* European shares flat
* FTSE down as British economy reopens
* Shares in Diploma jump on positive FY outlook
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BULLS GO DEFENSIVE (0928 GMT)
The idea that a correction has become more likely is gaining
traction even among the bulls but that doesn't necessarily mean
it's time to say goodbye to the rotation trade.
JPMorgan believes investors should position defensively for
the time being but be prepared to jump back into cyclical and
value plays later on this year.
"Within the market, our tactical call remains that
traditional Defensive sectors are the good place to be in during
this phase, against the manufacturing cyclicals – semis, autos,
cap goods and other – and note better recent trading of a number
of defensives – staples, healthcare and telecoms," say
strategists at the U.S. bank led by Mislav Matejka.
"We are staying cautious on tech and positive on banks,
though, as investors negotiate both the unwind of complacency
and the peaking in activity momentum, but also the elevated
tapering fears, which prevents long duration growth sectors from
being a safe haven," they add.
All in all, JPM expects the current consolidation to last
perhaps 1-3 months and will provide a "great entry point" for
the next leg higher.
Charted below the YTD performances of Europe's STOXX
CUDDLE CAUTIOUSLY (0854 GMT)
As of today, most of Britain will be free once again to
drink a pint in pubs, sit down to an indoor meal or visit the
cinema as the third national lockdown, which imposed the
strictest restrictions in peacetime history, comes to an end.
One would expect at least some sort of contentment in the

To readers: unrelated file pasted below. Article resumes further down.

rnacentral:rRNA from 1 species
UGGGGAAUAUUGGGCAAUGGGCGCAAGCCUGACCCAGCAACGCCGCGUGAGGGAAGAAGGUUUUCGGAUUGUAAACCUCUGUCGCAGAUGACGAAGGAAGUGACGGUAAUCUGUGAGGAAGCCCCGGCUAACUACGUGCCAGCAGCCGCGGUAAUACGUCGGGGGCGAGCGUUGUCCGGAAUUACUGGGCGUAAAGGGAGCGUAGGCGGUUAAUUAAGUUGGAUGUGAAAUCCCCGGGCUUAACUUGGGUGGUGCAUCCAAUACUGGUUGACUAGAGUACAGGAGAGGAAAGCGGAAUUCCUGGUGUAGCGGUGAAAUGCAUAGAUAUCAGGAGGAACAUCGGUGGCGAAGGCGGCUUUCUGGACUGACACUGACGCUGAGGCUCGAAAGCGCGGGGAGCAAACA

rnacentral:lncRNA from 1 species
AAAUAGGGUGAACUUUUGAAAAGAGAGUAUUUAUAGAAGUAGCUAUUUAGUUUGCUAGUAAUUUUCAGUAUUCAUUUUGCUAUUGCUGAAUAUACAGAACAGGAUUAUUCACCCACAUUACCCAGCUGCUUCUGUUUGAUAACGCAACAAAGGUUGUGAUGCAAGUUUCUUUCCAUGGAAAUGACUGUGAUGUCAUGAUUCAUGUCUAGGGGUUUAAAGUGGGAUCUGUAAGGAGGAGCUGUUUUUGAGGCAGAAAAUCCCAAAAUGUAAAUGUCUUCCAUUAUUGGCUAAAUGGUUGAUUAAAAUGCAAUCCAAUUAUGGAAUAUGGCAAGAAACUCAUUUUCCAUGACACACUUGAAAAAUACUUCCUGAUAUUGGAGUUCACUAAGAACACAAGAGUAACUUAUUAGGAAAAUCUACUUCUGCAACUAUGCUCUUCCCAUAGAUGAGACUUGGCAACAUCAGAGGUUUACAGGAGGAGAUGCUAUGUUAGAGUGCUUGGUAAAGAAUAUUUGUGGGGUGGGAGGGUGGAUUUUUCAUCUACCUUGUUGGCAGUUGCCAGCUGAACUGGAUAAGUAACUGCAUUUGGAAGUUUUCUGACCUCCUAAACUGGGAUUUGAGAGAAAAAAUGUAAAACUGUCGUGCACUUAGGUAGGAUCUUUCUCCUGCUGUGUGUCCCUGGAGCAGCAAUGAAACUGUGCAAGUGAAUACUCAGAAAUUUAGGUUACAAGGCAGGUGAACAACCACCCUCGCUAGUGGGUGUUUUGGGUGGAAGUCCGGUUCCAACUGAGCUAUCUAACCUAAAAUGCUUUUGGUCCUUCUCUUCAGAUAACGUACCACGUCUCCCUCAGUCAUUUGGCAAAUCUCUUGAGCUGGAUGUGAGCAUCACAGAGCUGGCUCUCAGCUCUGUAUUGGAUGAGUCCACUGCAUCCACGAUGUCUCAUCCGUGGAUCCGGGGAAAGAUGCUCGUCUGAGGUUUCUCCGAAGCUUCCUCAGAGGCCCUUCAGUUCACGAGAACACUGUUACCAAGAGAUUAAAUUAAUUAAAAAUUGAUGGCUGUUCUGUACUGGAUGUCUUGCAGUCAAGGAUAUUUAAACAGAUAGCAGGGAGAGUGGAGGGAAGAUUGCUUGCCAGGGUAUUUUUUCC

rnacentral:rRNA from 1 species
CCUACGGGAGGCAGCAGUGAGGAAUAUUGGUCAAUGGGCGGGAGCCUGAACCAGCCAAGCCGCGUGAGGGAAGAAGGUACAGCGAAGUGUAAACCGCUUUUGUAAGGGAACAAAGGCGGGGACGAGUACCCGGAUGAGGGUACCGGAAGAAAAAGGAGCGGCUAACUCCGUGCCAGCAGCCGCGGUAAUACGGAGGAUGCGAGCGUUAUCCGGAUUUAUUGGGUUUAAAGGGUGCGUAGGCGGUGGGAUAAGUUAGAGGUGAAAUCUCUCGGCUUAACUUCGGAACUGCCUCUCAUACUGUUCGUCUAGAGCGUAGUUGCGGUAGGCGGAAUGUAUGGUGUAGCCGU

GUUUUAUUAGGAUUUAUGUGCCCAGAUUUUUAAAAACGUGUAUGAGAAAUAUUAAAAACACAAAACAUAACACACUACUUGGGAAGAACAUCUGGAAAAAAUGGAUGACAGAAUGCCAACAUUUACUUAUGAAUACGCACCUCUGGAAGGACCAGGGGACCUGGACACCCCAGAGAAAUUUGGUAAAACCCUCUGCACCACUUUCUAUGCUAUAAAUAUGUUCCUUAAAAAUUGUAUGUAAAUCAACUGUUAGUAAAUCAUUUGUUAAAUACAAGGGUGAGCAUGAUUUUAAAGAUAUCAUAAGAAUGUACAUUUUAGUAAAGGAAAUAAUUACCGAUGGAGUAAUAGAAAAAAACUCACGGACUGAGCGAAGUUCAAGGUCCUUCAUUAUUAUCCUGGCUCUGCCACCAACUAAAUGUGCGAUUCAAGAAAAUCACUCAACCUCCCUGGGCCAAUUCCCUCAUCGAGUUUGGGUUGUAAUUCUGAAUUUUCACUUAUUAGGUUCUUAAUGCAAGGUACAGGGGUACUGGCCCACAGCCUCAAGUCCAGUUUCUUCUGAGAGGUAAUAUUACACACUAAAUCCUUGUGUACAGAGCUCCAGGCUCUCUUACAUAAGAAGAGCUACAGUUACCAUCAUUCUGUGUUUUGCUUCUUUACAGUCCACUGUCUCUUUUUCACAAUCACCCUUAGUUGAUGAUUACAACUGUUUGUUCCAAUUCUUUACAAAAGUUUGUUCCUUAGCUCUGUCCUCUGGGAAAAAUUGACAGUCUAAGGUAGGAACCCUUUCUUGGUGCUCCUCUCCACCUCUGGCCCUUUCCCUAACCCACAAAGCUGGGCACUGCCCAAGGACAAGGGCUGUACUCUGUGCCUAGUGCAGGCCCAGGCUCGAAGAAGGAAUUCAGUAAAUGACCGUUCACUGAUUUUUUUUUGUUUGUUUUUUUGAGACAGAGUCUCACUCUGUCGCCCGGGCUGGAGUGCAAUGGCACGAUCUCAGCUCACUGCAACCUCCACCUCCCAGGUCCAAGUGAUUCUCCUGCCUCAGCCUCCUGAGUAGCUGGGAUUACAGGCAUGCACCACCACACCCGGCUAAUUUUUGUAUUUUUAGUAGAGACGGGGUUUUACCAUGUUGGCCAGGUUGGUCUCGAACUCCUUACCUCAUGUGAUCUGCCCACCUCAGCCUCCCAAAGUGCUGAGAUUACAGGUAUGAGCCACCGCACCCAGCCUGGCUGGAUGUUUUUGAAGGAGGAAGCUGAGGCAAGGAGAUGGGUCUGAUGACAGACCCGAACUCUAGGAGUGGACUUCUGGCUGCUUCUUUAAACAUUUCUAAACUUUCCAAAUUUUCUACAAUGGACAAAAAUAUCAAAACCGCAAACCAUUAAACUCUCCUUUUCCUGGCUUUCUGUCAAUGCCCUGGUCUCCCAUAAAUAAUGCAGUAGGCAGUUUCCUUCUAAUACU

FTSE 350 travel and leisure index, instead it's
down around 1%.
Even the PM urged people to cuddle and party cautiously,
while British businesses ramped up their search for new staff
for pubs, restaurants and other hospitality and travel firms.
But all of this is failing to impress equity investors:
shares in pubs and restaurants operators Mitchells & Butlers
, JD Wetherspoon, Restaurant Group,
Whitbread are all falling between 1% and 2%.
Shares in SSP Group --which sells food and beverage
to restaurants, bars, cafes, food courts, lounges and stores in
airports and train stations-- are down almost 4%.
The easing of lockdown measures is seen as the real test
for reopening trades, which have performed well this year, with
the FTSE 350 travel and leisure index gaining a whopping 50%
since an effective vaccine was first announced in November.
"Reopening day in Britain – today is a big step forward for
the economy, not so big for the stock market," says Neil Wilson
The questions for policymakers and investors, he continues,
are "do people get out and spend, do they take on more debt and
do banks lend more?"
MIXED FEELINGS AT THE OPEN (0738 GMT)
There's limited data or corporate earnings to gnaw on this
morning and as a result, not much traction either way on
The STOXX 600 is perfectly flat and the jury is clearly
still out on how this season will end up panning out.
Moves are quite limited across sectors too with the biggest